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We came, we saw, we skated

Jean-Marie Leduc, co-author of Lace Up: A History of Skates in Canada, has 367 pairs of skates in his collection.

February 24th, 2018

Measured blade angles now enable Connor McDavid to skate at almost 40 km/hour in an NHL game.

His history begins with early Indigenous bone and wooden skates in Canada and Finland; metal skates were developed in Europe 500 years ago.

Lace Up: A History of Skates in Canada

by Jean-Marie Leduc, with Sean Graham & Julie Leger

Victoria: Heritage House Publishing Company, 2017.

$19.95  /  9781772032277

Reviewed by David Mills


A photo near the start of Lace Up: A History of Skates in Canada will be familiar to many Canadians. It shows a boy in Quebec City, standing in his skates, perhaps his first pair, wearing a hockey uniform and holding a stick.

I remember a similar photo of me on a small pond on my grandfather’s farm in Ontario, in a Toronto Maple Leafs’ toque and sweater and wearing my first pair of skates, imagining that I was Tim Horton. I couldn’t tell you the brand of the skates, but I remember the joy of putting them on for the first time, having my father tie them up for me, and walking out to the pond to skate — badly. But it was not the fault of the skates. Since then I have had many pairs of skates, most of them purchased second- or third- hand for the beginning of another hockey season.

Boy in Quebec City, circa 1960

Now as an adult, I buy new goalie skates for old-timers’ hockey. In the 1970s, these were quite heavy because of the hard, plastic protective cowling around the boot, while my last pair of goalie skates, purchased less than ten years ago, were much lighter while providing the same protection and featuring grooved “cheaters” on the toe to allow a goalie to push off while in the butterfly.

Henrik Lundqvist

Now, a new pair of Bauer goalie skates, like the ones Henrik Lundqvist wears, have no protective shell at all. And they are no bargain at $750.

It was always a treat getting new skates. My sisters, who figure-skated for a winter or two, might have felt the same. I am sure they imagined themselves as Barbara Ann Scott, the winner of an Olympic gold medal in 1948, in their bright, white skates.

I read this short book, Lace Up: A History of Skates in Canada, with much interest. Author Jean-Marie Leduc, identified as “the world’s foremost authority on skates,” has 367 pairs in his collection. They range chronologically from bone skates worn by Indigenous peoples some 10,000 years ago to a pair of Barbara Ann Scott’s autographed skates and those of former NHLers, Emile “Butch” Bouchard and his son, Pierre.

Jean-Marie Leduc’s unparalleled collection has been exhibited at venues such as the Canadian Museum of History, the Hockey Hall of Fame, and the 2010 Winter Olympics in Vancouver. This man has a very healthy Canadian love affair with skates and skating.

Jean-Marie Leduc

Leduc was active in Ottawa’s speed skating community and his son, Jean-Francois Leduc, was a nationally recognized speed skater. Jean-Marie was also an in-house announcer for short-track events, including the 2002 Olympics in Salt Lake City.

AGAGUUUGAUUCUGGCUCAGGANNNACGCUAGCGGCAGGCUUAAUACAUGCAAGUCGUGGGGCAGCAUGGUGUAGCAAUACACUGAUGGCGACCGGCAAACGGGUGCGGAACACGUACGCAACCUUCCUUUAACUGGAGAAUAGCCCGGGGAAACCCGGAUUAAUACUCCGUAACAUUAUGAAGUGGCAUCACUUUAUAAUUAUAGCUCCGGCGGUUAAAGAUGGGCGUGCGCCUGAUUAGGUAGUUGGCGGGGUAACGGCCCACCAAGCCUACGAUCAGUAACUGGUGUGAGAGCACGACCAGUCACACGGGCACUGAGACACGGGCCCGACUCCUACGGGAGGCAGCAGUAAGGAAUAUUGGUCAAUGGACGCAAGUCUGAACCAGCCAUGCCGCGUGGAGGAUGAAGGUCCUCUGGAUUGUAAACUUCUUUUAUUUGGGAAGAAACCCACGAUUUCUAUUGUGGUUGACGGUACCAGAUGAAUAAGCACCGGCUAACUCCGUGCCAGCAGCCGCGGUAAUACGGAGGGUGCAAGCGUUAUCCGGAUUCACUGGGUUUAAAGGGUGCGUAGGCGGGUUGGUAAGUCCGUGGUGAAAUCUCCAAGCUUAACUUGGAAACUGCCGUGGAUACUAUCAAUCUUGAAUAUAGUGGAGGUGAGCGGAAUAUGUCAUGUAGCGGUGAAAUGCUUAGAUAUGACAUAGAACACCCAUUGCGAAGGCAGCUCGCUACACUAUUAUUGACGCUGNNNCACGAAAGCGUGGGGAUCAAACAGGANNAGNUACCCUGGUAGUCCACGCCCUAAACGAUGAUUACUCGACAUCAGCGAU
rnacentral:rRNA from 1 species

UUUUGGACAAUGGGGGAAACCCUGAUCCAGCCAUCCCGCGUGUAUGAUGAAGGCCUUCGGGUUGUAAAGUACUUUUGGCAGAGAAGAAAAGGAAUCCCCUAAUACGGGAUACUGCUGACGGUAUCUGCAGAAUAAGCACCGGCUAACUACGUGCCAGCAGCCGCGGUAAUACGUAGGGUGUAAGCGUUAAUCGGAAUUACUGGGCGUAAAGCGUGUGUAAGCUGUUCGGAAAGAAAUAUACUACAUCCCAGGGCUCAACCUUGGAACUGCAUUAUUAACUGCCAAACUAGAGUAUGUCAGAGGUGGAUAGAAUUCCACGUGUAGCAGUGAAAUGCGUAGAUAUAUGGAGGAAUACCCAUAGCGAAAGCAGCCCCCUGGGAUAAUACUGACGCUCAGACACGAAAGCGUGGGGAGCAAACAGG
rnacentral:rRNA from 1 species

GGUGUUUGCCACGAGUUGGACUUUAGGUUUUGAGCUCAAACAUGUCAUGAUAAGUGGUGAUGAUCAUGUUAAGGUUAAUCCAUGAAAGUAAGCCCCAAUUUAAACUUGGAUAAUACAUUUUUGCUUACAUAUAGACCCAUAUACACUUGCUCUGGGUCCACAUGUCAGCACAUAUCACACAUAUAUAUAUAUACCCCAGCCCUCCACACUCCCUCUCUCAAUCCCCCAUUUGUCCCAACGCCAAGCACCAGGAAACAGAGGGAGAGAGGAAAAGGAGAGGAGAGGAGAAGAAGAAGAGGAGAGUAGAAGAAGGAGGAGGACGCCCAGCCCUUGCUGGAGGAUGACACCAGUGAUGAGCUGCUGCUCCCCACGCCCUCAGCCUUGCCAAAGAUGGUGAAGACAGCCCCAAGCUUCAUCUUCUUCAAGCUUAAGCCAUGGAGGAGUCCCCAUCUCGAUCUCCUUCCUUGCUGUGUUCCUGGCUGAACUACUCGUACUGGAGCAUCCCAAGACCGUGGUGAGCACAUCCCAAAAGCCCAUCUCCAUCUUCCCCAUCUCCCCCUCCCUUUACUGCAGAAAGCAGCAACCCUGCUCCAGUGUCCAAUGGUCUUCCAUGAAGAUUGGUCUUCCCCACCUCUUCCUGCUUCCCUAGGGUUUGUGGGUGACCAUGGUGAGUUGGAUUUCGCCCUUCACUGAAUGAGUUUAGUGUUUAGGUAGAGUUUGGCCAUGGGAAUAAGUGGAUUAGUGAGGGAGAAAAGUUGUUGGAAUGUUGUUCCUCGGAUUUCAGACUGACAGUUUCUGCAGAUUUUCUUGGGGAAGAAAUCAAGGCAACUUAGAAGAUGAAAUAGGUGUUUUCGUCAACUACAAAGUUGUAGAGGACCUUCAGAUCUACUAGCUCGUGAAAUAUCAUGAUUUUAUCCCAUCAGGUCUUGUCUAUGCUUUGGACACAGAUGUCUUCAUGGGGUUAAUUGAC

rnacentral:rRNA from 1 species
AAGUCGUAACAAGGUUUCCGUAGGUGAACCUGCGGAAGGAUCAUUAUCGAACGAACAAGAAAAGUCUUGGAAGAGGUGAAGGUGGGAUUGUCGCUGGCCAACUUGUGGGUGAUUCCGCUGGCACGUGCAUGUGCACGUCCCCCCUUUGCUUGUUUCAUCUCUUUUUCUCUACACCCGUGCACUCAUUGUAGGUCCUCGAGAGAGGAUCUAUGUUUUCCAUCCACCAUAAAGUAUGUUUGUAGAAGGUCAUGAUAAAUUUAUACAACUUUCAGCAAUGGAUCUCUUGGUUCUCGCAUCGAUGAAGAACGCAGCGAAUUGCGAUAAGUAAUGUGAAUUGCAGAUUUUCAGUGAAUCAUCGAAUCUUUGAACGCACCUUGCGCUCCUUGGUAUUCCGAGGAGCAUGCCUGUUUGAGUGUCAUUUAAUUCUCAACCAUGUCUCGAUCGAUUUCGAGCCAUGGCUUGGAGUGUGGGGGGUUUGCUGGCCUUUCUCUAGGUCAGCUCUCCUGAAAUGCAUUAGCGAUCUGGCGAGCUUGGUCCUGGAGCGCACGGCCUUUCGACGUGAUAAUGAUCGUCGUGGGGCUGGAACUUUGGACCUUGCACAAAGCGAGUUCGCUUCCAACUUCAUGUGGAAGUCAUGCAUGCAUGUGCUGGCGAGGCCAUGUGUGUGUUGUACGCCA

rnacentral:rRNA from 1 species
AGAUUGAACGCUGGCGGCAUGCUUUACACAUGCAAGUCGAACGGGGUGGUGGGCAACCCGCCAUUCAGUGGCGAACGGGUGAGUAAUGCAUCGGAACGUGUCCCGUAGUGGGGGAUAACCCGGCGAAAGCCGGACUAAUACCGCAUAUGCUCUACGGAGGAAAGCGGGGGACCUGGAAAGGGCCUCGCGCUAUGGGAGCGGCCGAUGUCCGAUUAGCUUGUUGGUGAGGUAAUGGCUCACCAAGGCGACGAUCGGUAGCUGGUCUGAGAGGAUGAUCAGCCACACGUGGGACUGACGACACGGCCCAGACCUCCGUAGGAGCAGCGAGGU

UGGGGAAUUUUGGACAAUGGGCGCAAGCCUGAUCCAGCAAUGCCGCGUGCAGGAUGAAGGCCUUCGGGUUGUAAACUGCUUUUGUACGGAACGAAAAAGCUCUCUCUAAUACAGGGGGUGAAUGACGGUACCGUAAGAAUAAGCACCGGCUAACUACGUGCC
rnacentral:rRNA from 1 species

Short chapters describe how skates function, provide histories of early Indigenous bone and wooden skates worn in Canada, Finland, and elsewhere, and take the reader up to the first metal skates developed in Europe over 500 years ago. Separate chapters deal with figure, speed, and hockey skates, each with numerous photos and illustrations that show how they have changed over time.

I learned much I hadn’t known. Skating on wooden or bone blades was more like skiing. Poles, rather than the movement of the skates, provided propulsion. With the invention of metal blades, the style of skating became more like that of today. Leduc also provides a cultural history of skating in fifteenth century Holland, although some of the most famous paintings are not included in the book.

Leduc and his co-authors Sean Graham and Julie Leger also consider skates in the nineteenth and early twentieth centuries, when they became accessible to most Canadians. They have gone to great lengths to discover their provenance – when and where they were made and the manufacturer. For example, Acme Club skates, affixed to a shoe, were made in Halifax at the time of Confederation. But Leduc also includes skates made by blacksmiths in small towns workshops.

First Olympic gold medalist for women, Barbara-Ann Scott

The figure skate section explains their evolution, with blades attached directly to the boots and with stop picks and thicker blades to allow for jumping, which revolutionized the sport. This discussion is rather short and ignores the gendered aspects of figure skating, which many people continue to see as an activity primarily for girls.

The ubiquitous white figure skates reinforced the idea that figure skating was a feminine sport: not many boys figure skated in the twentieth century.

It is interesting to note that only one NHL team, the California Golden Seals, ever wore white skates. This incongruous sight resulted from pressure from the American owner, Charles O. Finley, to mimic his baseball team, the Oakland A’s.